The role that Shame plays in leadership styles was also discussed and many shared their negative experiences of how leaders used Shame in detrimental ways. We also discussed how Shame and Empathy are important, and debated if it’s even possible to empathize with all of our patients. Could we risk becoming paralyzed by emotions and unable to manage the emergency department? Others felt that while it is important to function as a doctor, to empathize with our patients means to maintain our humanity and joy for our work – which is critically important. Dr. Papanagnou closed with an eloquent summary:

“Through our shared experiences, it is evident that Empathy is the antidote to Shame; but we must be mindful of ourselves, exercise self-compassion, and always ‘remain curious’ if we want our empathic connections to remain sustainable.”

The fourth day was spent discussing “learning to rise.” Failure is inevitable when we’re courageous and vulnerable and try new things; how do we systematically approach failure and recovery from it? As in, how can we perform a history, physical exam, assessment, and plan for failure? The day was facilitated with 5 questions.

1. Do you have a strategic and operational plan for failure?

Several people shared their systematic approach to failure. Common themes were advanced preparation (having a script in mind), modeling appropriate behavior (including self-care!), and reflective practice. An critical step was swiftly acknowledging and moving past the “shitty first drafts” and “stories we tell ourselves,” and on to better and brighter things.

2. What is your preferred offloading phenotype when you’re emotionally hooked (history)?

Offlloading (a.k.a. avoidance) strategies that were discussed included Chanderliering, Bouncing Hurt, Numbing Hurt, Stockpiling Hurt, The Umbridge, and Hurt and the Fear of High Centering. The majority of participants had a context-dependent variety of offloading mechanisms, although Numbing was the most common by far (distracting ourselves with fun stuff or, more commonly, more and more work until we don’t feel our pain). We talked about obtaining “Stumbling Mentors,” or “Failure Friends”– people we trust who will help us confront our emotions and grow from failure.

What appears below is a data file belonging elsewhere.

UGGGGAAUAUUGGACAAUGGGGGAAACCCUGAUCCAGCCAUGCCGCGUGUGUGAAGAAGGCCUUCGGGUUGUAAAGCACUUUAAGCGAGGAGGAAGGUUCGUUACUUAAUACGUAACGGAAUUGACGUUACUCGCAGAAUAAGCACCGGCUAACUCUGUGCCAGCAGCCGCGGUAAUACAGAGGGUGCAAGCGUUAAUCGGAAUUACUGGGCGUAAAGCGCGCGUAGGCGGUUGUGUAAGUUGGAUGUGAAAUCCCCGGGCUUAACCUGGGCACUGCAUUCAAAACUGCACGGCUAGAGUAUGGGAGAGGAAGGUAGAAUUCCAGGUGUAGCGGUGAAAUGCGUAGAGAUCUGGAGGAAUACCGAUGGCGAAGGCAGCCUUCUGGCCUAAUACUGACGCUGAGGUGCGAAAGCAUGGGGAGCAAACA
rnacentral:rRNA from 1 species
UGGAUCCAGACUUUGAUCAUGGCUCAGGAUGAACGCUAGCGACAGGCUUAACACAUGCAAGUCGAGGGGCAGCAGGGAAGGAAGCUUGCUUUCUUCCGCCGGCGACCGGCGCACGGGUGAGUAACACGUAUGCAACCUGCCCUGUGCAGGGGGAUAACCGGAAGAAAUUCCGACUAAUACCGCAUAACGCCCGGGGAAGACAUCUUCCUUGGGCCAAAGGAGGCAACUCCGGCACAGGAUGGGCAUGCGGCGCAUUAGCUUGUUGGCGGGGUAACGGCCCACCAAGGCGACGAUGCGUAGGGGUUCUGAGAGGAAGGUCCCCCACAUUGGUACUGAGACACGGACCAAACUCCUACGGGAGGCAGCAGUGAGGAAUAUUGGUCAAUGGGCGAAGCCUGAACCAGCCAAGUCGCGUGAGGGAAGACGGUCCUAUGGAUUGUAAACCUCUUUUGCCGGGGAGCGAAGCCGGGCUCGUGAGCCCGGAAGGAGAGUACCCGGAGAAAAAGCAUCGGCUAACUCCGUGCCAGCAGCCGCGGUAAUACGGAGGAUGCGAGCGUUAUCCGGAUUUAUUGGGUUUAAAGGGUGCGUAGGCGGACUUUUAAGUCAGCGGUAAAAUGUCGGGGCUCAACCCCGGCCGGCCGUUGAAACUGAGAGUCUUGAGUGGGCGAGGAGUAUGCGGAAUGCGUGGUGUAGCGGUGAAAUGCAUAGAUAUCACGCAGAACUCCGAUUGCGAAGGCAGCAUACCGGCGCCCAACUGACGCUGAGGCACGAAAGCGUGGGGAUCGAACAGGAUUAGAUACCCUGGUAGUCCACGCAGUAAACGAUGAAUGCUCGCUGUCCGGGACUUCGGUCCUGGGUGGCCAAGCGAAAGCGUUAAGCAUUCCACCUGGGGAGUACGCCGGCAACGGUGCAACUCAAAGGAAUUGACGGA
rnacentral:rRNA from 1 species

3. What kind of stories do you tell yourself when in failure mode (physical examination)?

A very common theme was telling ourselves that we’re not good enough and never will be– embodiment of “imposter syndrome.” We even took an Imposter Syndrome Scoring quiz (see Suggested Resources) and compared results.

4. How do you get more information about the situation, people, and yourself when in failure mode (assessment)?

We talked about conceptualizing the problem utilizing the Drama Triangle and directly asking stakeholders for more information– “approaching discomfort with inquiry.” With more information, we could switch from “‘What the F&*#?’ to ‘what’s their frame?.’” Two common techniques discussed to openly engage with others include “the story I am telling myself is…” and “let me circle back with you on…” For getting information about ourselves, we discussed and reinforced the importance of a good therapist/mental health professional in coping with the immense stress of our jobs; we need to normalize this in our field!

5. How do you approach stories that decrease your lovability? Your belief system? Your creativity? (plan)

Balance/mindfulness (and getting outdoors) was a common way to reinvigorate our lovability and creativity after failure, as was interacting with those who depend on us, whether as a parent or as a mentor– anything to get us out of our heads and back into the world.

The finale of the week, where we tried to put it all together. One thing we found was that different roles and career status can affect what you want in your toolkit. Our breakdown went into categories of trainees, junior faculty (<10 years out of residency), mid and senior faculty, and then a general toolbox.

Trainee Toolkit

  • Imagining yourself as your leader, and what their side looks like
  • Clear is kind – being clear on details and clarification
  • Use TASC checklist for guidance on who to go to for what
    • T: who owns the task?
    • A: do they have the authority to be held accountable?
    • S: are they set up for success?
    • C: do we have a checklist of what needs to get done to be successful?